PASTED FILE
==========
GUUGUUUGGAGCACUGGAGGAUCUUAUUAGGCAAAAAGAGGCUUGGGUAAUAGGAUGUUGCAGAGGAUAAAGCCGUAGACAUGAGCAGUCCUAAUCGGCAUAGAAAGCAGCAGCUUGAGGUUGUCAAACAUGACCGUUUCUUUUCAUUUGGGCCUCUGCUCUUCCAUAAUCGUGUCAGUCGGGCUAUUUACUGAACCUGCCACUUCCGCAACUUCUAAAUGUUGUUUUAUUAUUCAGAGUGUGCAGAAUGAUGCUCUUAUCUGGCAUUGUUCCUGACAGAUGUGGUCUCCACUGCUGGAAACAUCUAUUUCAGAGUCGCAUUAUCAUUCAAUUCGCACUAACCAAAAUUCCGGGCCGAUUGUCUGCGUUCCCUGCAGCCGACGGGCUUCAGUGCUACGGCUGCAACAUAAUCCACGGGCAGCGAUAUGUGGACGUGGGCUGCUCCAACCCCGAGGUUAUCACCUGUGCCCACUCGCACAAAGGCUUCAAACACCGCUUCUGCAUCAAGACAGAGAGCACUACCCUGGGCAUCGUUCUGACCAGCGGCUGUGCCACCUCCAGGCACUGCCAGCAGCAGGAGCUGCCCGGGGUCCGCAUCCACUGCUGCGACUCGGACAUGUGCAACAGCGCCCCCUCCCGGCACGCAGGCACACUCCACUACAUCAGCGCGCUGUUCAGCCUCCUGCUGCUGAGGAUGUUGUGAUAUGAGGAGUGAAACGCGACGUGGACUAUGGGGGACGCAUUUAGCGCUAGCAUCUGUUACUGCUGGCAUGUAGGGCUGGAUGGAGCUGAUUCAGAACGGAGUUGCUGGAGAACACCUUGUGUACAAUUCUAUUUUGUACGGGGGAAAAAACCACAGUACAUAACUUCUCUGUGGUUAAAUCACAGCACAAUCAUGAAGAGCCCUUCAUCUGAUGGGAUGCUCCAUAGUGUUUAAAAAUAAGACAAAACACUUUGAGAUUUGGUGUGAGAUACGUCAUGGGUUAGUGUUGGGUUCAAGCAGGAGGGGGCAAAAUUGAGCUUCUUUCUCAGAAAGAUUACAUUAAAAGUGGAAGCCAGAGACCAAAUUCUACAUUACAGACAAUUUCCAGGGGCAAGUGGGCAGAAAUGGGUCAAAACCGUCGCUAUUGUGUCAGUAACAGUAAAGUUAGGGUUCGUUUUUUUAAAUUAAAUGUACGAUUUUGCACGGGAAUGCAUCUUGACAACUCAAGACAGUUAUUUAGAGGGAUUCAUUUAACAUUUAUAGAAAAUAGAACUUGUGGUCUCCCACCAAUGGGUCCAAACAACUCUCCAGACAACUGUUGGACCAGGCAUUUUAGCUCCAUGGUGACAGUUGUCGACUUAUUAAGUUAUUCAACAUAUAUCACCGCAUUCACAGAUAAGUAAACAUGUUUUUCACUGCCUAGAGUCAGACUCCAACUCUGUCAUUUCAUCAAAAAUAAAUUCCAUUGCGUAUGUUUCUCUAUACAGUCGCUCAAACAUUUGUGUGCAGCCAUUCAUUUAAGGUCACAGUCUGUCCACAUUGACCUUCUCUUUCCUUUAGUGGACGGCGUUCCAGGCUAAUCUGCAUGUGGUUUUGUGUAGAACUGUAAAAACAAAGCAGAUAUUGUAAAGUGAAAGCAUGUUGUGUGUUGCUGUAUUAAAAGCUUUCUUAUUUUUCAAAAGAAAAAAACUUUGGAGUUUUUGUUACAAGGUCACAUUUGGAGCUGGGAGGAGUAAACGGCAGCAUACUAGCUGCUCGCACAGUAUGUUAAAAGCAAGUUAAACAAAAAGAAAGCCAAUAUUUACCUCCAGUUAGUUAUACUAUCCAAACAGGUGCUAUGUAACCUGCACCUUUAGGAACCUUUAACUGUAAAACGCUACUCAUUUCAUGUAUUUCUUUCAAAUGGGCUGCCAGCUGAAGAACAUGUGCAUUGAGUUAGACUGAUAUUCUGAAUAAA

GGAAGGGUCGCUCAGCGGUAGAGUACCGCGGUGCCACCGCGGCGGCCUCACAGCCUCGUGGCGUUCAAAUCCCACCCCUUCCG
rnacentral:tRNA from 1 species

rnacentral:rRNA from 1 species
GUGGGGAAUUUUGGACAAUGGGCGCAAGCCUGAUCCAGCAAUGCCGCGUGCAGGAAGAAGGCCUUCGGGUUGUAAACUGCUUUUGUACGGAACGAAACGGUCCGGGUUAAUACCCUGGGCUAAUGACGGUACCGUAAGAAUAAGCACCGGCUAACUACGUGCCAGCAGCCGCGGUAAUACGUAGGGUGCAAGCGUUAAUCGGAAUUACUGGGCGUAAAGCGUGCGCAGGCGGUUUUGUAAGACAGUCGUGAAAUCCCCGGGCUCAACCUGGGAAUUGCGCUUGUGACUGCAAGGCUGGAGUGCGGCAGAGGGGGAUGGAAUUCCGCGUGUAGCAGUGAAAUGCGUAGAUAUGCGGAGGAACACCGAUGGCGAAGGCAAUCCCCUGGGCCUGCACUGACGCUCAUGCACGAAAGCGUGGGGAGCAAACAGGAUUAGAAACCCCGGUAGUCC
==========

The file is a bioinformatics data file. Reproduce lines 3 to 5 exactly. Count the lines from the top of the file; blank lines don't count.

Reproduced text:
rnacentral:tRNA from 1 species

rnacentral:rRNA from 1 species
GUGGGGAAUUUUGGACAAUGGGCGCAAGCCUGAUCCAGCAAUGCCGCGUGCAGGAAGAAGGCCUUCGGGUUGUAAACUGCUUUUGUACGGAACGAAACGGUCCGGGUUAAUACCCUGGGCUAAUGACGGUACCGUAAGAAUAAGCACCGGCUAACUACGUGCCAGCAGCCGCGGUAAUACGUAGGGUGCAAGCGUUAAUCGGAAUUACUGGGCGUAAAGCGUGCGCAGGCGGUUUUGUAAGACAGUCGUGAAAUCCCCGGGCUCAACCUGGGAAUUGCGCUUGUGACUGCAAGGCUGGAGUGCGGCAGAGGGGGAUGGAAUUCCGCGUGUAGCAGUGAAAUGCGUAGAUAUGCGGAGGAACACCGAUGGCGAAGGCAAUCCCCUGGGCCUGCACUGACGCUCAUGCACGAAAGCGUGGGGAGCAAACAGGAUUAGAAACCCCGGUAGUCC